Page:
With sinister orange paving slab lookalikes the Zygons set to return tonight in Series Nine of Doctor Who, what better juncture at which to ponder a pre-Day Of The Doctor encounter with them for his Tenth incarnation?
Stephen Cole's Sting Of The Zygons fleshes out a feature of theirs which we've yet to see - although it's hinted at in Terrance Dicks' Doctor Who & The Loch Ness Monster, his Target novelisation of Terror Of The Zygons. The title of the book rather gives away what that feature might be - their a deadly sting!
The Doctor's new companion Martha Jones finds herself whisked off to the Lake District. This normally tranquil corner of Britain has been disturbed by the crash-landing of a group of the shape-shifters, who arrive in 1909. And they've brought along a couple of pets, one of which becomes the fabled "Beast of Westmorland".
King Edward VII is even prepared to offer a knighthood to whomever of the many hunters swarming to the Lakes bags the creature. But the man who met them once before back when a pinstripe suit was a mere pipe dream knows the Skarasen is so much more than the implied basis for the Loch Ness Monster.
Perhaps to protect himself from the chill of the admittedly lovely part of the country in which he now finds himself the Doctor is quick to dig out some neckwear - a simple red & yellow striped affair compared to the overly long one he used to favour. As if to prove there's no harm in a little nostalgia no matter how long-lived you are he even gets to drive a lovely old car just like Bessie down the winding country lanes. An unwelcome memory of bygone days is around the corner as the Zygons once more attempt to take over the Earth...
DOCTOR: You've been hiding too long, Broton. It's become a habit.And arguably they've picked the perfect spot from which to launch an invasion here, no doubt using similar logic which had seen them choose the Scottish Highlands for their earliest attempt to take our planet. Idyllic, too..
BROTON: What do you mean?
DOCTOR: I thought the plan was to conquer the world.
BROTON: The plan has not changed.
DOCTOR: But you can't rule a world in hiding. You've got to come out onto the balcony sometimes and wave a tentacle, if you'll pardon the expression.
BROTON: In a few hours there will be no further need of secrecy. Have no doubt, Doctor.
"Westmorland presents continuous succession of mountain, moor, and fell, intersected by deep winding vales, traversed by numerous streams. The arable land is mostly confined to the valleys, where the soil usually consists of a dry gravelly loam, well adapted for turnips, but the greater part of the county is natural pasture. A few tracts of woodland remain of the forests which formerly clothed all the hills. The mineral productions include graphite, marble, roofing slate, and some coal, lead, and copper. The only manufactures of any consequence are the coarse woollens of Kendal."So said Barclay's Complete & Universal English Dictionary (1842). Sadly nobody stops to talk over the problem of hunting a giant cybernetically augmented sea monster over some lovely Kendal mint cake.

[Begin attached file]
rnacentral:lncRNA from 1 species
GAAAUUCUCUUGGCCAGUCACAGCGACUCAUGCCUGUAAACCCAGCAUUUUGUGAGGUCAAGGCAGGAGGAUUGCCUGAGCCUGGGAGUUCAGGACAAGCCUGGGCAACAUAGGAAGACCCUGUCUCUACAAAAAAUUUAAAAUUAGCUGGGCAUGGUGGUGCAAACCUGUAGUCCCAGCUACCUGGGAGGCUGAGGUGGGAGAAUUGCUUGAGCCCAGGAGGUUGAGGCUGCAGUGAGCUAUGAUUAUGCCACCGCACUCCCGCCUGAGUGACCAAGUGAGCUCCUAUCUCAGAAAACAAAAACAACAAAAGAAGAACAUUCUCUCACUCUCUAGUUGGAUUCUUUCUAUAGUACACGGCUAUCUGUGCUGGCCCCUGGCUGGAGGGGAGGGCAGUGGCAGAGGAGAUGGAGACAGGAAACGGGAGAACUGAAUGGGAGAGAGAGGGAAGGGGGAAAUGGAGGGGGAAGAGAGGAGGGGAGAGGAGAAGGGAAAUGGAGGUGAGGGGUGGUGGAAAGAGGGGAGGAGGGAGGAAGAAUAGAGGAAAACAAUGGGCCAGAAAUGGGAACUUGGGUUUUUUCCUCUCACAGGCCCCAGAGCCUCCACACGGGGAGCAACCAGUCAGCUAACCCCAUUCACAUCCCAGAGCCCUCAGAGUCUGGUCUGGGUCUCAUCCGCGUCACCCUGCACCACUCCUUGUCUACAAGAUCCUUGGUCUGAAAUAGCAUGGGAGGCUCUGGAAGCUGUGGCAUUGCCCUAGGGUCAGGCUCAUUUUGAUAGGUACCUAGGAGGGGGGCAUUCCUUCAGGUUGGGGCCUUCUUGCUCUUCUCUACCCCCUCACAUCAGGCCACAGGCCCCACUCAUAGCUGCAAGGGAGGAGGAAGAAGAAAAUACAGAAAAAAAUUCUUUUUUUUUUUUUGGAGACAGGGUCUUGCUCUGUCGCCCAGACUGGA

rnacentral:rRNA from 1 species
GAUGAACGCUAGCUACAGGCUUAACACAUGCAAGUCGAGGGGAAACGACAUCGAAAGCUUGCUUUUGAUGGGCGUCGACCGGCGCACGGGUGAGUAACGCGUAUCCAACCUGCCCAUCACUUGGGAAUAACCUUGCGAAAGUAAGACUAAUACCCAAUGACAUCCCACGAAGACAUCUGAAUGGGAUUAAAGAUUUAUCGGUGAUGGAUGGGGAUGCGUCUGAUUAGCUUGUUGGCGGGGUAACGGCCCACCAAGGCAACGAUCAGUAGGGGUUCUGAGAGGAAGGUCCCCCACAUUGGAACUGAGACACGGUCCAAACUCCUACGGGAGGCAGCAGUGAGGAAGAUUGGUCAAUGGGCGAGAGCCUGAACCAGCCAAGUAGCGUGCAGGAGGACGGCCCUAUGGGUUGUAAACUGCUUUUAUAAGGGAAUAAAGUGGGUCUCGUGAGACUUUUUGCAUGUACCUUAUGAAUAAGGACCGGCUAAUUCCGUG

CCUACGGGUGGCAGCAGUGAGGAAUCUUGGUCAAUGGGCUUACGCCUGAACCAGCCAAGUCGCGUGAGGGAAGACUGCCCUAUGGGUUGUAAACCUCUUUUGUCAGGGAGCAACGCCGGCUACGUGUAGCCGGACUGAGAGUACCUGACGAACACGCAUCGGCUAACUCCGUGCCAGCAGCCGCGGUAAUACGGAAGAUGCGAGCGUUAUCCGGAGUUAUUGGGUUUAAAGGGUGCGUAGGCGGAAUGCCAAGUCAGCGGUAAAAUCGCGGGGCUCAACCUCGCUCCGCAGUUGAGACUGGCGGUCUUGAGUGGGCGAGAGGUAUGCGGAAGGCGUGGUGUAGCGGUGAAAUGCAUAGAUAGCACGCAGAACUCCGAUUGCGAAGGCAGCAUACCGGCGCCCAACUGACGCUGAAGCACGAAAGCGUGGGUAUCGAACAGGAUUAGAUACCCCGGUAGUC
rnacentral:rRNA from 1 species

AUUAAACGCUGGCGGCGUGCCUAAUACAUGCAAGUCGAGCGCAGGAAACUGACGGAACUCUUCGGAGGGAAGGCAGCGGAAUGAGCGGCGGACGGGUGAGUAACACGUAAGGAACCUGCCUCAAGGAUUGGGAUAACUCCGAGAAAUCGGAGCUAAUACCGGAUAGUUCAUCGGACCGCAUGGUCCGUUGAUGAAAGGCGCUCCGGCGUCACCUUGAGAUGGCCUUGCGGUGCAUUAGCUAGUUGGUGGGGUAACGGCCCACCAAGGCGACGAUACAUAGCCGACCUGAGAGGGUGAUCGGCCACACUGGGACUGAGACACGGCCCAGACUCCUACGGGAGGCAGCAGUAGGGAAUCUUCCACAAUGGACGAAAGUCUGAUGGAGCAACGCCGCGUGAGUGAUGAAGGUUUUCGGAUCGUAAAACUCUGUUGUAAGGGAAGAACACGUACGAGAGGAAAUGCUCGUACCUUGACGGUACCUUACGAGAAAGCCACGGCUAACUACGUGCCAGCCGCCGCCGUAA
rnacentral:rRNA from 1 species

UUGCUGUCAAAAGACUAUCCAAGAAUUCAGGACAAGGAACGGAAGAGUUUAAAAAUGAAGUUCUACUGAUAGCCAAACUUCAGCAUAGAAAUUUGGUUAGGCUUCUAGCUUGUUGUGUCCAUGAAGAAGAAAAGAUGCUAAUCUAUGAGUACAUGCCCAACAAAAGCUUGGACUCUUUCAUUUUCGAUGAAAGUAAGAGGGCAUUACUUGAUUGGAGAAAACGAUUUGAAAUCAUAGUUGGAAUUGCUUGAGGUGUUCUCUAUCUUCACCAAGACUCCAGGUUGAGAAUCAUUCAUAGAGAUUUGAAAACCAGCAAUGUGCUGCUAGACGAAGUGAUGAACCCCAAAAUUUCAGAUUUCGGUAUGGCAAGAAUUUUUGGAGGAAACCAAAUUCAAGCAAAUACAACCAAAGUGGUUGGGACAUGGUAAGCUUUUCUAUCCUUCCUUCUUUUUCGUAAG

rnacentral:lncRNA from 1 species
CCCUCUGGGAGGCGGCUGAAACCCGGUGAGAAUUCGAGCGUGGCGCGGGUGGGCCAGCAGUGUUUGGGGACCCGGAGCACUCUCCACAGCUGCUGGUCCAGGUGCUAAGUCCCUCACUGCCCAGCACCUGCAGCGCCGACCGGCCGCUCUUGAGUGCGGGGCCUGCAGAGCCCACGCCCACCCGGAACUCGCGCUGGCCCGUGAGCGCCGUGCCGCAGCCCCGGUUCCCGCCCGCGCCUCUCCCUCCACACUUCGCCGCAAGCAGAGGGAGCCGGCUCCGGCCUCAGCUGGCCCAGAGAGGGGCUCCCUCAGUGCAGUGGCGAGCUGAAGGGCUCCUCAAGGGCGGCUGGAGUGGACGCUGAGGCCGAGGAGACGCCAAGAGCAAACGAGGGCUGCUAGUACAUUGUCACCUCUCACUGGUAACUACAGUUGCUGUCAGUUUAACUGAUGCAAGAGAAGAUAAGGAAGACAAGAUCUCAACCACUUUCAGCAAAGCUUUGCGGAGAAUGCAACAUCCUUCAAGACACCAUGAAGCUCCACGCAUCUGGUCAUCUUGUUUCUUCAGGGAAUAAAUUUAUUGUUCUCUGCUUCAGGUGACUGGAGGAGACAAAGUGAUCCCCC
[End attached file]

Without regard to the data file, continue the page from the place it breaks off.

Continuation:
If you happen to be resident in Cumbria, though, you may well have noticed a certain agenda towards the place in Series 7! While pondering the mystery of the impossible girl, the Eleventh Doctor finds himself staying at a monastery there as far back as 1207, for starters.
ABBOTT: Ahem. I'm sorry to intrude, but the bells of Saint John are ringing.The Rings Of Akhaten then contained a reference to the Lake District itself.
DOCTOR: I'm going to need a horse.
MONK: Is that her?
ABBOTT: The woman twice dead, and her final message. He was drawn to this place of peace and solitude that he might divine her meaning. If he truly is mad, then this is his madness.
DOCTOR: Leg it where, exactly?The arc of sorts finished with not one but two references in Hide....
CLARA: Don't know. Lake District?
DOCTOR: Oh, the Lake District's lovely. Let's definitely go there. We can eat scones. They do great scones in 1927.
CLARA: You're going to fight it, aren't you.
DOCTOR: Regrettably, yes. I think I may be about to do that.
CLARA: It's really big.
DOCTOR: I've seen bigger.
CLARA: Say we actually find her. What do we say?Apologies if you happen to live there! Let's finish with a lovely big bite out of some of the aforementioned mint cake.
DOCTOR: We ask her how she came to be whatever she is.
DOCTOR: Because I don't know, and ignorance is, what's the opposite of bliss?
DOCTOR: Yes. Yes, Carlisle. Ignorance is Carlisle.
EMMA: So, what do we do?Now, some tea with your slice of Kendal's finest as we return to proceedings at hand? After all, there's the small matter of the future of the entire world at stake!
DOCTOR: Not we, you. You save Hila Tacorian because you are Emma Grayling. You are the lantern. The rest of us are just along for the ride, I'm afraid. We need some sturdy rope and a blue crystal from Metebelis Three. Plus some Kendal Mint Cake.
It's all rather a case of 'spot the Zygon', whether they be in human or bovine form, and the story ends a bit somberly, but it serves as a good reminder just why these orange rubbery things are so fondly remembered, despite, at the time of publication, having only appeared in one single Doctor Who televised adventure some 31 years previous.
Of course, now they are planning another full blown Zygon Invasion...